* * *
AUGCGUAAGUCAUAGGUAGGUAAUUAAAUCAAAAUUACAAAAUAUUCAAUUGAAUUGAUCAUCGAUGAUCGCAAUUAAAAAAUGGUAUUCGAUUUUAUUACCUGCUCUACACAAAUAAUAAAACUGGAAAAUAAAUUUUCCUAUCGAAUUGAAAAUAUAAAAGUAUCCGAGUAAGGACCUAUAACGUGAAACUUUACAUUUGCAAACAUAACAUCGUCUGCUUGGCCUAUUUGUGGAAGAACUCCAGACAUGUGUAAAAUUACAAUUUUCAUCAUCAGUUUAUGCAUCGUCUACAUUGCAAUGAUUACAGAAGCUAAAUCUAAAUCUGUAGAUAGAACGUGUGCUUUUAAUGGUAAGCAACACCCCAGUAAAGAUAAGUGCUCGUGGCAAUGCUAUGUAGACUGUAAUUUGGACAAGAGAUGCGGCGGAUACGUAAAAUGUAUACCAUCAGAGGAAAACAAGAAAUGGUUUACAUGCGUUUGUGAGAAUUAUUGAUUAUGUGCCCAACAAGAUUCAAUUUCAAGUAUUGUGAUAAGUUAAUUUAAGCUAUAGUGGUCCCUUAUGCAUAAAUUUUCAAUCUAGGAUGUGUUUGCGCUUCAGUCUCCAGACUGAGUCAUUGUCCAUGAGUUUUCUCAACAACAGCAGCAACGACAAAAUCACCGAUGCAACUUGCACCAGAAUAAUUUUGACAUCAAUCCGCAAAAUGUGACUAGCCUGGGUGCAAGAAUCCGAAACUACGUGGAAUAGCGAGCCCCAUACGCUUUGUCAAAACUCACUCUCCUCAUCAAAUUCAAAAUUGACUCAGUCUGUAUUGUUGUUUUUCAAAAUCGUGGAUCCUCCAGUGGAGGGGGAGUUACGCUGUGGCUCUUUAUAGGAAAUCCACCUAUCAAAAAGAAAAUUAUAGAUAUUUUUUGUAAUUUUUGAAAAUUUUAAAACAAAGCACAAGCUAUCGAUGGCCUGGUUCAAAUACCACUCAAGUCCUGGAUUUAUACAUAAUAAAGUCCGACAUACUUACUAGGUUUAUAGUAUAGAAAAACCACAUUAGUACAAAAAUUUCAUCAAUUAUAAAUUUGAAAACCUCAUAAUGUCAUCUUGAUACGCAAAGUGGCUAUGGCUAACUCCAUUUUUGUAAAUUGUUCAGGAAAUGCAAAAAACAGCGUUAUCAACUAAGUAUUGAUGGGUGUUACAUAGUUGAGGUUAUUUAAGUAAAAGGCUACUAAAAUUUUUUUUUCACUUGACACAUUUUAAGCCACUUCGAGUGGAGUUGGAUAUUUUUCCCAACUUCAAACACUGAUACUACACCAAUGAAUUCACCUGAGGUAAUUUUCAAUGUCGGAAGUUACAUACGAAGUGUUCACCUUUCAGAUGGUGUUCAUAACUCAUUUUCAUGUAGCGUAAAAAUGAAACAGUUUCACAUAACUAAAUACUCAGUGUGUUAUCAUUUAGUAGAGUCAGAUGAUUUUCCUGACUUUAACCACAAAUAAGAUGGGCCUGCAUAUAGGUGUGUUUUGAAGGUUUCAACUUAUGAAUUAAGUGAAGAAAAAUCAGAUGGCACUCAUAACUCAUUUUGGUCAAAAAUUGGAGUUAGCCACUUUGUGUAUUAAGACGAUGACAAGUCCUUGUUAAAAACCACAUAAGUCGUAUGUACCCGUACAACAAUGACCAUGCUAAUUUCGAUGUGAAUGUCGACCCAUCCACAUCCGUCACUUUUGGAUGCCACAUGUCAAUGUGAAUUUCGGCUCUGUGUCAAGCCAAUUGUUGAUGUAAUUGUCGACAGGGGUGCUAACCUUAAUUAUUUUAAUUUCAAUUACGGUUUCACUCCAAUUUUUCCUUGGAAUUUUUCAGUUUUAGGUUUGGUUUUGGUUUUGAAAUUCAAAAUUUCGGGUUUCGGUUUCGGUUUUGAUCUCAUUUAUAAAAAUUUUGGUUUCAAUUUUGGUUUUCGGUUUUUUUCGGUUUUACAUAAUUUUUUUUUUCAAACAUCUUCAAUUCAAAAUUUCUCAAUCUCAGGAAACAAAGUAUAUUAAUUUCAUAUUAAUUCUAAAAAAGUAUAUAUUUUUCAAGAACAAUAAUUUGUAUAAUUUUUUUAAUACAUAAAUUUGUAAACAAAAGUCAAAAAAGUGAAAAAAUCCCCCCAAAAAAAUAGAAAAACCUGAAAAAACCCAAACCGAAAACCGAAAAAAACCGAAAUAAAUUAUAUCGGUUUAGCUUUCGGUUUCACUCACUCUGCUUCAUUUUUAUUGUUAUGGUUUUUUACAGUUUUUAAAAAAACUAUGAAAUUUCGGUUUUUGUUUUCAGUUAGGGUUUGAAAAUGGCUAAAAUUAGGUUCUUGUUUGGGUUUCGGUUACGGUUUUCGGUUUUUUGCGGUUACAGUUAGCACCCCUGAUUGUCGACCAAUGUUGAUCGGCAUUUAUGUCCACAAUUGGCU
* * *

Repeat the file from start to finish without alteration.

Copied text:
AUGCGUAAGUCAUAGGUAGGUAAUUAAAUCAAAAUUACAAAAUAUUCAAUUGAAUUGAUCAUCGAUGAUCGCAAUUAAAAAAUGGUAUUCGAUUUUAUUACCUGCUCUACACAAAUAAUAAAACUGGAAAAUAAAUUUUCCUAUCGAAUUGAAAAUAUAAAAGUAUCCGAGUAAGGACCUAUAACGUGAAACUUUACAUUUGCAAACAUAACAUCGUCUGCUUGGCCUAUUUGUGGAAGAACUCCAGACAUGUGUAAAAUUACAAUUUUCAUCAUCAGUUUAUGCAUCGUCUACAUUGCAAUGAUUACAGAAGCUAAAUCUAAAUCUGUAGAUAGAACGUGUGCUUUUAAUGGUAAGCAACACCCCAGUAAAGAUAAGUGCUCGUGGCAAUGCUAUGUAGACUGUAAUUUGGACAAGAGAUGCGGCGGAUACGUAAAAUGUAUACCAUCAGAGGAAAACAAGAAAUGGUUUACAUGCGUUUGUGAGAAUUAUUGAUUAUGUGCCCAACAAGAUUCAAUUUCAAGUAUUGUGAUAAGUUAAUUUAAGCUAUAGUGGUCCCUUAUGCAUAAAUUUUCAAUCUAGGAUGUGUUUGCGCUUCAGUCUCCAGACUGAGUCAUUGUCCAUGAGUUUUCUCAACAACAGCAGCAACGACAAAAUCACCGAUGCAACUUGCACCAGAAUAAUUUUGACAUCAAUCCGCAAAAUGUGACUAGCCUGGGUGCAAGAAUCCGAAACUACGUGGAAUAGCGAGCCCCAUACGCUUUGUCAAAACUCACUCUCCUCAUCAAAUUCAAAAUUGACUCAGUCUGUAUUGUUGUUUUUCAAAAUCGUGGAUCCUCCAGUGGAGGGGGAGUUACGCUGUGGCUCUUUAUAGGAAAUCCACCUAUCAAAAAGAAAAUUAUAGAUAUUUUUUGUAAUUUUUGAAAAUUUUAAAACAAAGCACAAGCUAUCGAUGGCCUGGUUCAAAUACCACUCAAGUCCUGGAUUUAUACAUAAUAAAGUCCGACAUACUUACUAGGUUUAUAGUAUAGAAAAACCACAUUAGUACAAAAAUUUCAUCAAUUAUAAAUUUGAAAACCUCAUAAUGUCAUCUUGAUACGCAAAGUGGCUAUGGCUAACUCCAUUUUUGUAAAUUGUUCAGGAAAUGCAAAAAACAGCGUUAUCAACUAAGUAUUGAUGGGUGUUACAUAGUUGAGGUUAUUUAAGUAAAAGGCUACUAAAAUUUUUUUUUCACUUGACACAUUUUAAGCCACUUCGAGUGGAGUUGGAUAUUUUUCCCAACUUCAAACACUGAUACUACACCAAUGAAUUCACCUGAGGUAAUUUUCAAUGUCGGAAGUUACAUACGAAGUGUUCACCUUUCAGAUGGUGUUCAUAACUCAUUUUCAUGUAGCGUAAAAAUGAAACAGUUUCACAUAACUAAAUACUCAGUGUGUUAUCAUUUAGUAGAGUCAGAUGAUUUUCCUGACUUUAACCACAAAUAAGAUGGGCCUGCAUAUAGGUGUGUUUUGAAGGUUUCAACUUAUGAAUUAAGUGAAGAAAAAUCAGAUGGCACUCAUAACUCAUUUUGGUCAAAAAUUGGAGUUAGCCACUUUGUGUAUUAAGACGAUGACAAGUCCUUGUUAAAAACCACAUAAGUCGUAUGUACCCGUACAACAAUGACCAUGCUAAUUUCGAUGUGAAUGUCGACCCAUCCACAUCCGUCACUUUUGGAUGCCACAUGUCAAUGUGAAUUUCGGCUCUGUGUCAAGCCAAUUGUUGAUGUAAUUGUCGACAGGGGUGCUAACCUUAAUUAUUUUAAUUUCAAUUACGGUUUCACUCCAAUUUUUCCUUGGAAUUUUUCAGUUUUAGGUUUGGUUUUGGUUUUGAAAUUCAAAAUUUCGGGUUUCGGUUUCGGUUUUGAUCUCAUUUAUAAAAAUUUUGGUUUCAAUUUUGGUUUUCGGUUUUUUUCGGUUUUACAUAAUUUUUUUUUUCAAACAUCUUCAAUUCAAAAUUUCUCAAUCUCAGGAAACAAAGUAUAUUAAUUUCAUAUUAAUUCUAAAAAAGUAUAUAUUUUUCAAGAACAAUAAUUUGUAUAAUUUUUUUAAUACAUAAAUUUGUAAACAAAAGUCAAAAAAGUGAAAAAAUCCCCCCAAAAAAAUAGAAAAACCUGAAAAAACCCAAACCGAAAACCGAAAAAAACCGAAAUAAAUUAUAUCGGUUUAGCUUUCGGUUUCACUCACUCUGCUUCAUUUUUAUUGUUAUGGUUUUUUACAGUUUUUAAAAAAACUAUGAAAUUUCGGUUUUUGUUUUCAGUUAGGGUUUGAAAAUGGCUAAAAUUAGGUUCUUGUUUGGGUUUCGGUUACGGUUUUCGGUUUUUUGCGGUUACAGUUAGCACCCCUGAUUGUCGACCAAUGUUGAUCGGCAUUUAUGUCCACAAUUGGCU